Royal Mail has predicted, as part of its year-end 2017/8 financial report, that the EU's new General Data Protection Regulation (GDPR) will negatively impact letter volumes.
According to the report, a general decline in letter volume had already been predicted due to an ongoing shift towards electronic communications—but the decline may be steeper following the mandatory application of GDPR rules by May 25th, the purpose of which is to tighten restrictions on how companies can use and store personal customer data.
The GDPR will make it harder for businesses to send unsolicited mail to customers, requiring, among other things, that they “opt in” to receive marketing communications rather than having to “opt out”, and that companies have a legitimate reason if they are sending messages to members of the public.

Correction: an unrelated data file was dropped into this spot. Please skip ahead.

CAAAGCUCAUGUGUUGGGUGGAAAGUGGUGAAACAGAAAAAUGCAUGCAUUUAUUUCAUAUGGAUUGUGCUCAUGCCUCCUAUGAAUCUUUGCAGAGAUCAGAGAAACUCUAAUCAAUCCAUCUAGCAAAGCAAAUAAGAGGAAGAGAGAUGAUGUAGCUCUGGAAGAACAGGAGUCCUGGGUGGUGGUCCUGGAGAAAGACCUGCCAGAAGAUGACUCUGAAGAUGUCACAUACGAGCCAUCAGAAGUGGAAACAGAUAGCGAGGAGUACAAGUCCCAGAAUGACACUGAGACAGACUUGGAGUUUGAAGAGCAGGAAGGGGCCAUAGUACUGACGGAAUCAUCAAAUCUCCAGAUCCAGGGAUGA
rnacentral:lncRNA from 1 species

“We maintain our outlook for addressed letter volume declines of four to six per cent per annum (excluding political parties’ election mailings) over the medium-term,” Royal Mail declared in the report. “However, due to the potential impact of GDPR and, or, if business uncertainty persists, we expect to be at the higher end of the range of decline for 2018-9 and may fall outside the range in a period.”
Royal Mail has been encouraging businesses to get around the new restrictions by sending unaddressed mail, which does not require personal data.